Comprehensive sexuality education is part of the curriculum throughout primary and secondary school in Norway. There is a close collaboration between civil society actors and the government in developing curriculum and resources that support the educators’ role in this important task.
The education needs to be norm critical, to raise awareness of the privileges, power imbalances and exclusion that exist. Comprehensive sexuality education not only teaches about the biological aspects of sexuality but also about emotions, respect and integrity and other issues as part of relationships that contributes to creating a safe and inclusive learning environment, and is used as an approach to anti-bullying work.
This education addresses the differences in sexual orientations and gender identities that exists, including among the pupils and students. However, we still see challenges among youth and children. Therefore, in Norway’s new sexual health strategy, the role of comprehensive sexuality education is further strengthened and it is anticipated developing programmes for inclusions of programmes in kindergartens in the near future.
This is also an example of how expertise and knowledge constitutes a resource within different parts of society. To realise human rights for all require joint efforts of governments, civil society, academia and people of all ages, the young as well as the elders in society. This principle is well grounded within the Norwegian governance structures, and as a civil society actor myself, an open and constructive dialogue and collaboration with authorities and other stakeholders has been of great benefit to the people that we serve.
Madam Chair, 50 years ago this year, in 1967, the contraceptive-pill was introduced in Norway. At the same time, the women’s rights movement was growing and became more active, both within civil society and the political parties, and more women joined the work force. Looking at the birth rates, we see a plunge in the mid 1970’s, followed by a slow increase. This shows us how access to contraceptives contribute to the realisation of women’s rights as well as influence the demographics.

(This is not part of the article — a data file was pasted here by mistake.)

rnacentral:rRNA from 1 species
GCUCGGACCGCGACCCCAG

The best way to prevent unwanted pregnancies is by ensuring easy access to modern and effective contraceptives, and access to information for young people. Youth friendly-services, an extension of contraceptive services to include midwives, nurses and easy access to contraceptives for youth between 16-20 years mostly free of charge, have further increased access and uptake in Norway.
Currently there is a debate on whether young people under 16 already engaging in sexual activities should get easy access to contraceptives. Health providers, civil society organisations and youth political parties are calling for changes in the minimum age of provision of free contraceptive services.
Access to safe and legal abortion is on demand and became available in Norway in 1978. This policy is well grounded among the political decision-makers and the public. With these policies, the abortion rate reached an all-time low in 2016, with the highest decline seen among the young women under 25 years of age.
Madam Chair, to conclude, Norway’s experience is that the importance of women’s and youth’s rights, of sexual and reproductive rights and equal opportunities that have been at the core of political priorities have led to important developments in Norway. Norway has made great strides in the economic and other areas as a result of this approach.
However, we still have challenges and we need to work harder and better to achieve the full realisation of human rights for all and a future where no one is left behind, both in Norway and internationally. Therefore, these efforts will continue to be part of our efforts in implementing the CPD Programme of Action, and in achieving the Sustainable Development Goals. Thank you for your attention.